This Maximus, that saw this thing betide, With piteous teares told it anon right, That he their soules saw to heaven glide With angels, full of clearness and of light Andt with his word converted many a wight. For which Almachius *did him to-beat* *see note <15>* With whip of lead, till he his life gan lete.* *quit
Cecile him took, and buried him anon By Tiburce and Valerian softely, Within their burying-place, under the stone. And after this Almachius hastily Bade his ministers fetchen openly Cecile, so that she might in his presence Do sacrifice, and Jupiter incense.* *burn incense to
But they, converted at her wise lore,* *teaching Wepte full sore, and gave full credence Unto her word, and cried more and more; "Christ, Godde's Son, withoute difference, Is very God, this is all our sentence,* *opinion That hath so good a servant him to serve Thus with one voice we trowe,* though we sterve.** *believe **die
Almachius, that heard of this doing, Bade fetch Cecilie, that he might her see; And alderfirst,* lo, this was his asking; *first of all "What manner woman arte thou?" quoth he, "I am a gentle woman born," quoth she. "I aske thee," quoth he,"though it thee grieve, Of thy religion and of thy believe."
"Ye have begun your question foolishly," Quoth she, "that wouldest two answers conclude In one demand? ye aske lewedly."* *ignorantly Almach answer'd to that similitude, "Of whence comes thine answering so rude?" "Of whence?" quoth she, when that she was freined,* *asked "Of conscience, and of good faith unfeigned."
Almachius saide; "Takest thou no heed Of my power?" and she him answer'd this; "Your might," quoth she, "full little is to dread; For every mortal manne's power is But like a bladder full of wind, y-wis;* *certainly For with a needle's point, when it is blow', May all the boast of it be laid full low."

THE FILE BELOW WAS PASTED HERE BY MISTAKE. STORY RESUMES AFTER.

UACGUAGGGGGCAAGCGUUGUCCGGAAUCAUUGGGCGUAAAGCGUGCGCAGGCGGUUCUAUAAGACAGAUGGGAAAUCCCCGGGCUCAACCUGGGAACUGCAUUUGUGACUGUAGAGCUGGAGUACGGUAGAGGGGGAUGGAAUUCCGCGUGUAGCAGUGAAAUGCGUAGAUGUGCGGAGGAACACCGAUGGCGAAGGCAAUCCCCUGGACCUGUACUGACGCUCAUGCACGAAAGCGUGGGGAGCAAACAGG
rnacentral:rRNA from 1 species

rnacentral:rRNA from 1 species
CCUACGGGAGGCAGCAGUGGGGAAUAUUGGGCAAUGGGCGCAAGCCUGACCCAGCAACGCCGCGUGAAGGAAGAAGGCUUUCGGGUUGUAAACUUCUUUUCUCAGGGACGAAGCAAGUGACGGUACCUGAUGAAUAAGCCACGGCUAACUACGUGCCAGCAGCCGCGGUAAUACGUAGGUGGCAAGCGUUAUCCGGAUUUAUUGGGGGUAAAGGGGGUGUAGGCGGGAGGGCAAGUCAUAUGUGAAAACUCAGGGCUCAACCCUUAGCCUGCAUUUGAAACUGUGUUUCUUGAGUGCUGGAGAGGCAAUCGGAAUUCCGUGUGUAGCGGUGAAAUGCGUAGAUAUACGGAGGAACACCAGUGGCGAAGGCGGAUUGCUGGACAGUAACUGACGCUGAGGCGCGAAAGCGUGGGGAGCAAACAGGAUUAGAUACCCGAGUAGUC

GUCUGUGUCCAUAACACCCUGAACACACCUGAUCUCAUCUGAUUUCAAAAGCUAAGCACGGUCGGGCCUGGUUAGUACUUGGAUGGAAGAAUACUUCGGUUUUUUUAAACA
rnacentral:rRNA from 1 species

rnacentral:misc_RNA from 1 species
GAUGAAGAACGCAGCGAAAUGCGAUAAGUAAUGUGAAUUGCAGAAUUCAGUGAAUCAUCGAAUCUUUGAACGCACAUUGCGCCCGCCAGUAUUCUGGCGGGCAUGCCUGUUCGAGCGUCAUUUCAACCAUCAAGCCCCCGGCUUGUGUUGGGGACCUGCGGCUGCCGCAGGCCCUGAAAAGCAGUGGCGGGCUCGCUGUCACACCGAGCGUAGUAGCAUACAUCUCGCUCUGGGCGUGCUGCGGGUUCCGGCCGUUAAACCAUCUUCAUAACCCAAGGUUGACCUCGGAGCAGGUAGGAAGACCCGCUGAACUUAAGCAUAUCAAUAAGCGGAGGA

"Full wrongfully begunnest thou," quoth he, "And yet in wrong is thy perseverance. Know'st thou not how our mighty princes free Have thus commanded and made ordinance, That every Christian wight shall have penance,* *punishment But if that he his Christendom withsay,* *deny And go all quit, if he will it renay?"* *renounce
"Your princes erren, as your nobley* doth," *nobility Quoth then Cecile, "and with a *wood sentence* *mad judgment* Ye make us guilty, and it is not sooth:* *true For ye that knowe well our innocence, Forasmuch as we do aye reverence To Christ, and for we bear a Christian name, Ye put on us a crime and eke a blame.
"But we that knowe thilke name so For virtuous, we may it not withsay." Almach answered, "Choose one of these two, Do sacrifice, or Christendom renay, That thou may'st now escape by that way." At which the holy blissful faire maid Gan for to laugh, and to the judge said;
"O judge, *confused in thy nicety,* *confounded in thy folly* Wouldest thou that I reny innocence? To make me a wicked wight," quoth she, "Lo, he dissimuleth* here in audience; *dissembles He stareth and woodeth* in his advertence."** *grows furious **thought To whom Almachius said, "Unsely* wretch, *unhappy Knowest thou not how far my might may stretch?
"Have not our mighty princes to me given Yea bothe power and eke authority To make folk to dien or to liven? Why speakest thou so proudly then to me?" "I speake not but steadfastly," quoth she, Not proudly, for I say, as for my side, We hate deadly* thilke vice of pride. *mortally
"And, if thou dreade not a sooth* to hear, *truth Then will I shew all openly by right, That thou hast made a full great leasing* here. *falsehood Thou say'st thy princes have thee given might Both for to slay and for to quick* a wight, -- *give life to Thou that may'st not but only life bereave; Thou hast none other power nor no leave.
"But thou may'st say, thy princes have thee maked Minister of death; for if thou speak of mo', Thou liest; for thy power is full naked." "Do away thy boldness," said Almachius tho,* *then "And sacrifice to our gods, ere thou go. I recke not what wrong that thou me proffer, For I can suffer it as a philosopher.
"But those wronges may I not endure, That thou speak'st of our goddes here," quoth he.